Magnetic Resonance Spectroscopy in Epilepsy

Part of the Contemporary Clinical Neuroscience book series (CCNE)


This review discusses the utilization of MR spectroscopy and spectroscopic imaging for epilepsy from a clinical localization and research perspective. As a relatively common neurological problem that affects the entire age range, the understanding and management of epilepsy has benefited substantially from the recent past improvements in anatomical MRI quality and resolution. With multiple facets of epilepsy dysfunction identified metabolically and neurophysiologically, the sensitivity of metabolic and functional MR imaging to such processes suggest that continued MR development can be important as well. Metabolically and spectroscopically, much of the challenge for the most common type of clinical epilepsy (localization related) is the sizable interpatient variability for both location of abnormality and severity of injury as well as the need to adequately evaluate the neocortical ribbon. These factors combine to place emphasis on developments at high field for SNR and voxel size, acceleration, and adequate lipid suppression. From a basic science perspective, substantial work has shown that metabolic and cellular changes are well detected by MRS early and late in the process of epileptogenesis, consistent with major shifts in neuronal and astrocytic processes. Thus, the role of MR spectroscopy has much room to progress for clinical and research applications in epilepsy.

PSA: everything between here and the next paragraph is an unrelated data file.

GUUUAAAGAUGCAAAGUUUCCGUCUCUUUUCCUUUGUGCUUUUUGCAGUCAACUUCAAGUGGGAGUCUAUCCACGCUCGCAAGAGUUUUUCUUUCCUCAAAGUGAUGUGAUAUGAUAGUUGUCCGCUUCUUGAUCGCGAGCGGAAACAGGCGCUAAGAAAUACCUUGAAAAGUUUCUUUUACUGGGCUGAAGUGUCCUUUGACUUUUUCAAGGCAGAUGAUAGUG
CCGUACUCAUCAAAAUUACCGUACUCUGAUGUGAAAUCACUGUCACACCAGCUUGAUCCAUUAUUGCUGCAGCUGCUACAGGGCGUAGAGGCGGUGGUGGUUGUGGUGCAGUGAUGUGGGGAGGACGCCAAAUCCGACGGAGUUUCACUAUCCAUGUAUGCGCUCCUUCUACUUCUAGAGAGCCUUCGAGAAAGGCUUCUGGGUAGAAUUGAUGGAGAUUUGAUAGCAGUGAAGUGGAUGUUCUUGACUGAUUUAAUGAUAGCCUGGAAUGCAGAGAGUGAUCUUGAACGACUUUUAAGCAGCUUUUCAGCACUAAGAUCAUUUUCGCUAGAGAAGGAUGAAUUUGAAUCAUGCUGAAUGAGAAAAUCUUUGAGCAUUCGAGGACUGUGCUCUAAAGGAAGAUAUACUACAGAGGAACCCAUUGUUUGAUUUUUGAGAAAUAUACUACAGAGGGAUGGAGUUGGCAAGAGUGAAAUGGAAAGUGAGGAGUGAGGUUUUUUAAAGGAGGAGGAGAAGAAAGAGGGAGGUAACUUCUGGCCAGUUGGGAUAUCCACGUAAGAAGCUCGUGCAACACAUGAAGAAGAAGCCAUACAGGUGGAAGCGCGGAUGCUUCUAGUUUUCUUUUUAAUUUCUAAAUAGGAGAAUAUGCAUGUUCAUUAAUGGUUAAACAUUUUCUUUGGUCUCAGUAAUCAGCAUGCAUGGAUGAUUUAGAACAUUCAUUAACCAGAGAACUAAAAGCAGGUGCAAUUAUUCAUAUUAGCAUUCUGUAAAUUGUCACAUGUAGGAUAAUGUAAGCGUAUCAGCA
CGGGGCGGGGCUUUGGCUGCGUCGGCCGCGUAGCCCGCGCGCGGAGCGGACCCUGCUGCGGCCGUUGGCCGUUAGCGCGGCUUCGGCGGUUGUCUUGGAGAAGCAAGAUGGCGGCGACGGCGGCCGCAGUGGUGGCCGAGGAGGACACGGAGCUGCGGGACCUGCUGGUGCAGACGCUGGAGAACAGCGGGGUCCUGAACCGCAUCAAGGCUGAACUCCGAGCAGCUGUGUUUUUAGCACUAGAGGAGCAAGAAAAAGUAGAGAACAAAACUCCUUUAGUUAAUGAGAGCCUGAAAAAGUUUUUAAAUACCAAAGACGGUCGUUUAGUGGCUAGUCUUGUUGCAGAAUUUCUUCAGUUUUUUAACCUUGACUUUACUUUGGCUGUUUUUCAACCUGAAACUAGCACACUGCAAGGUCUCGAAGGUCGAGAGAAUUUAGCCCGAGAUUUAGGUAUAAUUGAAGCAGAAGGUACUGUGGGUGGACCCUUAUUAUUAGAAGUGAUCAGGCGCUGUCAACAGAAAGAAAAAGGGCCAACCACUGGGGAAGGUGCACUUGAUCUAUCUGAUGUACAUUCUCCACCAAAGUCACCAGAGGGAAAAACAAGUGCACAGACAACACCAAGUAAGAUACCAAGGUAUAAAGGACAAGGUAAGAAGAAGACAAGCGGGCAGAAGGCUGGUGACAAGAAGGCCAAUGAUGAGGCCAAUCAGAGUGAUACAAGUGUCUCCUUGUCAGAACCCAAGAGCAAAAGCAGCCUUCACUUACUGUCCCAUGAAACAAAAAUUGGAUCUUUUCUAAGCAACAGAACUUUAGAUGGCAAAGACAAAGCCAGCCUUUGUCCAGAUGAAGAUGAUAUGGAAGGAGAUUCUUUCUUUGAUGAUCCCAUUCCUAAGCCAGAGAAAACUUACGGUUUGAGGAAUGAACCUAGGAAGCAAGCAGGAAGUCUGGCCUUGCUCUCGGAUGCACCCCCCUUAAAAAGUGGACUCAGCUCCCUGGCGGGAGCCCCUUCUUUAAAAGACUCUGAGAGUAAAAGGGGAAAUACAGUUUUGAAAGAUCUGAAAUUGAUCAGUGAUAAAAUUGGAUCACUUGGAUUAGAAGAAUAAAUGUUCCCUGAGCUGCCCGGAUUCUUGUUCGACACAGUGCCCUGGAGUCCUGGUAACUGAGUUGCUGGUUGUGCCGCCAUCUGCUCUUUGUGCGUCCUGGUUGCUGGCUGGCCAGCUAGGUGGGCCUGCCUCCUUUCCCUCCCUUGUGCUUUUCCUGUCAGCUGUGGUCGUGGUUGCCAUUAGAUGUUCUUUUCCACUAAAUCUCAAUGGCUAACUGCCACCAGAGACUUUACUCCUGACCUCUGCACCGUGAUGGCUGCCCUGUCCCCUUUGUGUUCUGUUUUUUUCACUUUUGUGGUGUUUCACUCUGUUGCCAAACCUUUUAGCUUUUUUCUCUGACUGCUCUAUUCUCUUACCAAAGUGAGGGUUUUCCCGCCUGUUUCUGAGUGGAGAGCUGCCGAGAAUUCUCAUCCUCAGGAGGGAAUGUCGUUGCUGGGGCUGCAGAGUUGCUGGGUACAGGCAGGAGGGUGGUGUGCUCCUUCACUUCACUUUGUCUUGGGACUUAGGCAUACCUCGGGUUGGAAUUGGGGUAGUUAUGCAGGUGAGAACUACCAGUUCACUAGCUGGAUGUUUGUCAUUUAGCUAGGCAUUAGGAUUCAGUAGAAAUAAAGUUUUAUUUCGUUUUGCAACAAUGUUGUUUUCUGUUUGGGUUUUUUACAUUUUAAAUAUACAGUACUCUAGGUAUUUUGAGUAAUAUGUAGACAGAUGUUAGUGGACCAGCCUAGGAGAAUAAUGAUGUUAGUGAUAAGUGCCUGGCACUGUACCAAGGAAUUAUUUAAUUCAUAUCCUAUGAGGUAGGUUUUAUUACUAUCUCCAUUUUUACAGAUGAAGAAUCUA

Localization-related epilepsy Primary generalized epilepsy Medial temporal lobe Bioenergetics Glial/neuronal unit GABA Glutamate 


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© Springer International Publishing Switzerland 2016

Authors and Affiliations

  1. 1.Department of NeurologyUniversity of Pittsburgh School of MedicinePittsburghUSA

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